The question is: who changed the name and for what purpose? Recall that Christian leaders had complained that Christians were the major target of attacks by Boko Haram. They actually staged a peaceful protest in different parts of the country over worsening insecurity in Nigeria the same Sunday that the failed bomber attempted to blow up the Kaduna church.
Also, instead of seeking urgent solutions to quench the burning fire, the Federal Government and its agents have continued to pursue rats. Or how does one situate the fact that President Muhammadu Buhari recently wrote an article for US-based magazine, Christianity Today, claiming that 90 per cent of Boko Haram victims were Muslims? What did the President intend to achieve by this comparison?
This is the same way his spokesman, Femi Adesina, attacked the sensibilities of many Nigerians recently. Adesina argued that the security situation had improved compared to the previous administration “where bombs were going off 10 times a day.” According to him, the people living in the theatre of war “will tell you that the difference between now and 2015 is the difference between heaven and hell.”
He urges Nigerians to be grateful to Buhari and the troops. You begin to wonder whether this government was elected to make comparison with the previous government or to change the bad situation.
Security is one of the three-pronged agenda of the Buhari presidency. Tackling corruption and fixing the economy are the other two. In all sincerity, can we say he has fulfilled his promise? The answer, obviously, is in the negative.
So far, the efforts he is making appear inadequate. A layman like me keeps wondering why it has taken us too long to rout Boko Haram. How can a bunch of criminals hold the entire country to ransom for years? Today, the terrorists control many parts of the North-East. What happens to the billions of naira mapped out as security votes every year? Are the soldiers adequately motivated and equipped?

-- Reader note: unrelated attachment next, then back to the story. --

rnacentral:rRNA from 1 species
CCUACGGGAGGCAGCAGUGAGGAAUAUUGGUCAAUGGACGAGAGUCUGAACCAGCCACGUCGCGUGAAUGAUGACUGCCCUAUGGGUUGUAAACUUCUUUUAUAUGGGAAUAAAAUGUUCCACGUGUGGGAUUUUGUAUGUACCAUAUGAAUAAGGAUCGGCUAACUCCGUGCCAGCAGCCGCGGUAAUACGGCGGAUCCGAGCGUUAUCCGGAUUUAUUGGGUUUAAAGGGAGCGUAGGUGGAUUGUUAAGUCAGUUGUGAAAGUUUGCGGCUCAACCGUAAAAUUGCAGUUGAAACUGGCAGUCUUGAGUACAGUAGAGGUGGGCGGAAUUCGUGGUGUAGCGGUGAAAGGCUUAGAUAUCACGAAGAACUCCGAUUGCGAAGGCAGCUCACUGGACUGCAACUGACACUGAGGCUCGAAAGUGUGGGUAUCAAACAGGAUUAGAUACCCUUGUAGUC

It is good the powers that be in Abuja are no more comfortable with the situation because they too are not safe. Now, a Nigerian Airline, Misha Travels, has started a daily flight between Abuja and Kaduna, a distance of about two hours by road. This was necessitated by frequent attacks on road travellers by bandits. Even the railway is not safe anymore. Last month, there was an attack on passengers near Kaduna’s Rigasa Station about 8am. The point is, you may dodge the criminals on the expressway, but you may not escape them in the town. Nnadi and Mrs. Ataga were not kidnapped on the expressway.
Concerned Nigerians have called on the President to rejig his security architecture. The Senate and the House of Representatives asked him to sack his service chiefs. Senator Enyinnaya Abaribe went further to ask him to resign. He has not done any of these.
What he has done is to constitute a committee to periodically review the security challenges in Nigeria and help find lasting solutions. Members of the committee are drawn from the executive, legislature and the ruling party. The Federal Government also reportedly agreed to increase the funding of the security services, especially the police, in order to boost their commitment to fight crime. There are plans as well to recruit more personnel in the security forces. Speaker of the House of Representatives, Femi Gbajabiamila, enthused that Nigerians would soon begin to see changes.